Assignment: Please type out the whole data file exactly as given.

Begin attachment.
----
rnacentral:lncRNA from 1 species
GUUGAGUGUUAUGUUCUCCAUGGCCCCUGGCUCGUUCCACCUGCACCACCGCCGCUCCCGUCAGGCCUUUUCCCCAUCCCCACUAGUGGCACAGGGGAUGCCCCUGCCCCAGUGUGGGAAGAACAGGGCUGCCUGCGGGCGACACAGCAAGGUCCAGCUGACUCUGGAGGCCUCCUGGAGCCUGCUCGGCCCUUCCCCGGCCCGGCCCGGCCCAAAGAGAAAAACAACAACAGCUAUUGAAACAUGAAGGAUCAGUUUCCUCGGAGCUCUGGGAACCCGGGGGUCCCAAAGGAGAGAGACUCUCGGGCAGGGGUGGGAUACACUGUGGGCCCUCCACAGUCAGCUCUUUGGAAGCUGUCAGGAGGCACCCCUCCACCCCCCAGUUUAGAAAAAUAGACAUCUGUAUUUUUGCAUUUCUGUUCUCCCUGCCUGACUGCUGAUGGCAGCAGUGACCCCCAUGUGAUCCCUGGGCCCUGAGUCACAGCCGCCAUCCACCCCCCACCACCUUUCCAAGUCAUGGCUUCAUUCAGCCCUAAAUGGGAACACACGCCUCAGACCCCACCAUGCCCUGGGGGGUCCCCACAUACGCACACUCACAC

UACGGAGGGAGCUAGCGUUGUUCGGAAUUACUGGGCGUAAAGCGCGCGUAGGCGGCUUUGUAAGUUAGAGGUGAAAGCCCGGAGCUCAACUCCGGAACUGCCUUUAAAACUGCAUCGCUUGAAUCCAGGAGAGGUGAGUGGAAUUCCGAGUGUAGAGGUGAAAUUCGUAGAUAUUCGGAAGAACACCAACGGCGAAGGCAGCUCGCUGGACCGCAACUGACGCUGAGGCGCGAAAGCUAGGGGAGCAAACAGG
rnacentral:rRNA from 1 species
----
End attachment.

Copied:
rnacentral:lncRNA from 1 species
GUUGAGUGUUAUGUUCUCCAUGGCCCCUGGCUCGUUCCACCUGCACCACCGCCGCUCCCGUCAGGCCUUUUCCCCAUCCCCACUAGUGGCACAGGGGAUGCCCCUGCCCCAGUGUGGGAAGAACAGGGCUGCCUGCGGGCGACACAGCAAGGUCCAGCUGACUCUGGAGGCCUCCUGGAGCCUGCUCGGCCCUUCCCCGGCCCGGCCCGGCCCAAAGAGAAAAACAACAACAGCUAUUGAAACAUGAAGGAUCAGUUUCCUCGGAGCUCUGGGAACCCGGGGGUCCCAAAGGAGAGAGACUCUCGGGCAGGGGUGGGAUACACUGUGGGCCCUCCACAGUCAGCUCUUUGGAAGCUGUCAGGAGGCACCCCUCCACCCCCCAGUUUAGAAAAAUAGACAUCUGUAUUUUUGCAUUUCUGUUCUCCCUGCCUGACUGCUGAUGGCAGCAGUGACCCCCAUGUGAUCCCUGGGCCCUGAGUCACAGCCGCCAUCCACCCCCCACCACCUUUCCAAGUCAUGGCUUCAUUCAGCCCUAAAUGGGAACACACGCCUCAGACCCCACCAUGCCCUGGGGGGUCCCCACAUACGCACACUCACAC

UACGGAGGGAGCUAGCGUUGUUCGGAAUUACUGGGCGUAAAGCGCGCGUAGGCGGCUUUGUAAGUUAGAGGUGAAAGCCCGGAGCUCAACUCCGGAACUGCCUUUAAAACUGCAUCGCUUGAAUCCAGGAGAGGUGAGUGGAAUUCCGAGUGUAGAGGUGAAAUUCGUAGAUAUUCGGAAGAACACCAACGGCGAAGGCAGCUCGCUGGACCGCAACUGACGCUGAGGCGCGAAAGCUAGGGGAGCAAACAGG
rnacentral:rRNA from 1 species